function isLoginElement(element, attribute){
    var attr;
    if (attribute != 'content'){
        attr = element.getAttribute(attribute);
    }
    else{
        attr = element.textContent;
    }
    if (attr != null){
        if (hasLogin(attr)){
            return true;
        }
    }
    return false;
}

// Checks that an attribute's value contains login, sign, or submit
function hasLogin(str){
    var substrings = ['login', 'sign', 'submit', 'continue'];
    if (new RegExp(substrings.join("|")).test(str.toLowerCase())) {
        console.log('Match Found - ' + str);
        return true;
    }
    return false;
}
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  • \$\begingroup\$ Thanks for the tags, I'm new to web development (C# background) \$\endgroup\$ – Levi Fuller Feb 1 '15 at 19:42
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In general, it seems to me that you're overengineering this (and obfuscating your code by doing so).

For example:

  • Your hasLogin() function is only used in one place, and could be replaced by a simple one-liner there, e.g. like this:

    return /login|sign|submit|continue/i.test( attr );
    

    (Yes, this works as expected even if attr is null. BTW, note that this isn't an anchored match, so it will match e.g. "noLogin" or "starsign". This is true for your original code as well, but it's harder to see there.)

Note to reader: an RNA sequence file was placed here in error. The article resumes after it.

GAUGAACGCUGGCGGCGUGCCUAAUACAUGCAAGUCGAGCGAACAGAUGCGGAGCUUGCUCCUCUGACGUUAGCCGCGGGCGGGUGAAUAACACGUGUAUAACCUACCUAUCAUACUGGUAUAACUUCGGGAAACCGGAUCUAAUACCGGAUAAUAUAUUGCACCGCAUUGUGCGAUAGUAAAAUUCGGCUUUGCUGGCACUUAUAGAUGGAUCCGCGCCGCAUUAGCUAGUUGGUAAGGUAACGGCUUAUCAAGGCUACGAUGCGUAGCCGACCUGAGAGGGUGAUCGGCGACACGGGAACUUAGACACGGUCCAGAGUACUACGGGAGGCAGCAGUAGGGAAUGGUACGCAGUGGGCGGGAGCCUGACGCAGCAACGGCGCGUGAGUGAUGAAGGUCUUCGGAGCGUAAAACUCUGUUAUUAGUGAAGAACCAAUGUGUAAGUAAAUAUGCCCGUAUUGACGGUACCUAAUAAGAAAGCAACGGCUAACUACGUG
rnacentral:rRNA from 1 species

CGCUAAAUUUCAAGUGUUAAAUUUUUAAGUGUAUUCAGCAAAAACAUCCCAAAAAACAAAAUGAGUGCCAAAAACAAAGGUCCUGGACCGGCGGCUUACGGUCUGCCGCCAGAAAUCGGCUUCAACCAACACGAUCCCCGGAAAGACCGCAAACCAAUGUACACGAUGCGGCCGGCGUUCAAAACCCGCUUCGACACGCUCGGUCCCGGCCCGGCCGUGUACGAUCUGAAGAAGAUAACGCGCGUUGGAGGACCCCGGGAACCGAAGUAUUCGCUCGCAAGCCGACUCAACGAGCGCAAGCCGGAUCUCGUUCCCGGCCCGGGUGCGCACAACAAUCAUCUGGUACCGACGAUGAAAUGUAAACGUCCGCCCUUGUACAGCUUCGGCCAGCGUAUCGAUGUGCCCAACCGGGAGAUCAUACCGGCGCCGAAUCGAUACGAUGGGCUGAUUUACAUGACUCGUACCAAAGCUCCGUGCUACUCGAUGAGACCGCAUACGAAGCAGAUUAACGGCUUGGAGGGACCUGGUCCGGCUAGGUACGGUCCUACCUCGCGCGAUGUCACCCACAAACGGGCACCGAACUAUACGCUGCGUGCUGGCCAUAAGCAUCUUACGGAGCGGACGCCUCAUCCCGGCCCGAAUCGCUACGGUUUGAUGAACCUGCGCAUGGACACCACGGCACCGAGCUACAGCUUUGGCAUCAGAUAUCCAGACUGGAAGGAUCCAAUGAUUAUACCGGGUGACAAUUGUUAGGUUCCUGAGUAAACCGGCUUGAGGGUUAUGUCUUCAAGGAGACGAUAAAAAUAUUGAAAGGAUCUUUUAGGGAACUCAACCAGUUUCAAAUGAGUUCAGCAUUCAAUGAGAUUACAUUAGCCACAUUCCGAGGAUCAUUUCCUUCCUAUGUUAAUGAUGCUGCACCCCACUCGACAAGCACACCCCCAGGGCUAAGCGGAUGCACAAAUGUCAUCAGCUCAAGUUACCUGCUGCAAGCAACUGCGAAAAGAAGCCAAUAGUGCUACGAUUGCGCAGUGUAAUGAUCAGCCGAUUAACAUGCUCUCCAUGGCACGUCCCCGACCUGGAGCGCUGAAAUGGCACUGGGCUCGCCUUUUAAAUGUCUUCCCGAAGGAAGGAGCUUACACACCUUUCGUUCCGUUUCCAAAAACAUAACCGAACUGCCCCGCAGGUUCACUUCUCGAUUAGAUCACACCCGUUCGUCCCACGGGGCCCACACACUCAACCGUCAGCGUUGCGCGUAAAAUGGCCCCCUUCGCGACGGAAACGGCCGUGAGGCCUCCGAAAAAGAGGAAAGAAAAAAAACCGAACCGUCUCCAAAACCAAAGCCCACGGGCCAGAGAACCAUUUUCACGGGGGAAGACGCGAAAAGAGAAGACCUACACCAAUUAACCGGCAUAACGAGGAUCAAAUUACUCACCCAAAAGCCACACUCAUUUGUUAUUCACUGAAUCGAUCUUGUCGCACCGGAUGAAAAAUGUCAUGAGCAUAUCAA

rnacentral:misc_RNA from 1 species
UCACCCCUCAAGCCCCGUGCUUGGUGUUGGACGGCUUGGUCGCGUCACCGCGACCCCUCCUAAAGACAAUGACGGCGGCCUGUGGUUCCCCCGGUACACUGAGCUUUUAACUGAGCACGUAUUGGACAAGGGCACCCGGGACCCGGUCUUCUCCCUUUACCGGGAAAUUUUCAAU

• Most of the complexity in your isLoginElement() function is there to implement the 'content' feature, which you don't even use. Per YAGNI, you shouldn't implement such features until you actually need them. With that unused feature removed, your isLoginElement() can be simplified to one or two lines of code:

    function isLoginElement( element, attrName ) {
        var attr = element.getAttribute( attrName );
        return /login|sign|submit|continue/i.test( attr );
    }
    

    If you did end up needing that feature later, it might be best implemented in a wrapper function for element.getAttribute(). Or, better yet, you could get rid of isLoginElement() entirely, and just have a one-line function that takes in a string and tests it against a regexp, just like your (kind of poorly named, IMO) hasLogin() did. Then you could replace the code that currently calls isLoginElement() with something like:

    if ( isLoginString( elements[i].id ) ) return elements[i];
    if ( isLoginString( elements[i].name ) ) return elements[i];
    if ( isLoginString( elements[i].className ) ) return elements[i];
    

    Actually, you don't even really need the isLoginString() function, since you can just save the regexp in a variable and test each attribute directly against it:

    var loginRegexp = /login|sign|submit|continue/i;
    // ...